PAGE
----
Abstract and Keywords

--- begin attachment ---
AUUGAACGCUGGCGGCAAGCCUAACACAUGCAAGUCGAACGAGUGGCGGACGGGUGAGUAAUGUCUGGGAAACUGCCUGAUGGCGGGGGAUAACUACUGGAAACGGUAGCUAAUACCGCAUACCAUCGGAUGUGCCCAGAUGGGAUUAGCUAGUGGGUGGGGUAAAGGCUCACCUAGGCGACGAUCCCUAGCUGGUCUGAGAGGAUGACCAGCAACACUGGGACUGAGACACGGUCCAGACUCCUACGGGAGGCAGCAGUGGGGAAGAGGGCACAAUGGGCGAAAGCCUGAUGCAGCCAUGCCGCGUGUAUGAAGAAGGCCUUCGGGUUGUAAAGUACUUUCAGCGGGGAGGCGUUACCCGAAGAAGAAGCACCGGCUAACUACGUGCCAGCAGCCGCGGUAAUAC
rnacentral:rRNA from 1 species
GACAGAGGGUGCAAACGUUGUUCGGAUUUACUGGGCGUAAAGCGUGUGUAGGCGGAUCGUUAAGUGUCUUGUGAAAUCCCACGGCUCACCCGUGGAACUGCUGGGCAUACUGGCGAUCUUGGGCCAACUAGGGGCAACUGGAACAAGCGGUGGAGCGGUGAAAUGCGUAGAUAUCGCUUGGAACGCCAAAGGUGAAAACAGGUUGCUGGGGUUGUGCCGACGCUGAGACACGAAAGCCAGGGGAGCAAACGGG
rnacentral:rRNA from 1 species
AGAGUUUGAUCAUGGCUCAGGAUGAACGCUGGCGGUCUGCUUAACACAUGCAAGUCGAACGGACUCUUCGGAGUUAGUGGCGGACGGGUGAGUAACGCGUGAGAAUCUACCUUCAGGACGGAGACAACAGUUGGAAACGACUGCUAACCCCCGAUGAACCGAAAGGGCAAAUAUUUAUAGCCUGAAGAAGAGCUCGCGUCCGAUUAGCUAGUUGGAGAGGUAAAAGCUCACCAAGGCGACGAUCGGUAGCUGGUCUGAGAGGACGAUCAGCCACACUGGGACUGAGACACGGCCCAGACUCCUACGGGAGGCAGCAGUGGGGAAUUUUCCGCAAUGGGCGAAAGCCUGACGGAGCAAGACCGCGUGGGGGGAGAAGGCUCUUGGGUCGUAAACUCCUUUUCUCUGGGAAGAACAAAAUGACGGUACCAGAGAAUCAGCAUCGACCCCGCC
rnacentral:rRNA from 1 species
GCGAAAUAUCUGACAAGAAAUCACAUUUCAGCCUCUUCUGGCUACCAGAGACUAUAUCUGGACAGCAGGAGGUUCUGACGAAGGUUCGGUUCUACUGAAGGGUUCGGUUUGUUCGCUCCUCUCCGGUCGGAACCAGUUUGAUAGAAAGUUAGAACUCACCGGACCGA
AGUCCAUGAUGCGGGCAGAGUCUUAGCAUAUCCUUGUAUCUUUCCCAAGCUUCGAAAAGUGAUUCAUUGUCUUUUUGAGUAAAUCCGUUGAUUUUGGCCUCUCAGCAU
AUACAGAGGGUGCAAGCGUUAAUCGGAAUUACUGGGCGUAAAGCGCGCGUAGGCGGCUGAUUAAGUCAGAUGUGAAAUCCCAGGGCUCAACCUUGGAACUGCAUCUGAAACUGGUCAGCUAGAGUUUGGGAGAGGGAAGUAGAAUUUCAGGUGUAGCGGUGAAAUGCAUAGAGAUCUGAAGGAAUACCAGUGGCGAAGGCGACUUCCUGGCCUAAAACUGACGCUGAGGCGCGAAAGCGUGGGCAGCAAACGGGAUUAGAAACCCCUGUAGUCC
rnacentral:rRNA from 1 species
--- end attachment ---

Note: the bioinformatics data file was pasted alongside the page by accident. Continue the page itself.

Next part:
Twentieth-century Irish poetry has been threaded through with a distinct modernist-derived strain known as ‘alternative poetry’. Resistance to poetic avant-gardism and modernism is generally the rule in anglophone cultures, but varies from place to place. The modernist legacy cannot be easily dismissed as a negligible one by American critics, given the unignorability of John Ashbery, Rae Armantrout, and William Carlos Williams – all Pulitzer Poetry prize winners. Moreover, British poetry in the last half-century has been dominated by the Hardy–Auden–Larkin plain-style tradition, but the likes of Denise Riley, Roy Fisher, and J. H. Prynne, have only been appreciated recently. The discourses that define Irish poetry add a particularly acute concern with national and cultural affiliation to the empiricist suspicion of formalist experiment. This chapter traces alternative poetic activity in Ireland from 1964 to the present, focusing on the work of five poets: Trevor Joyce, Eugene Watters, Maurice Scully, Catherine Walsh, and Geoffrey Squires.
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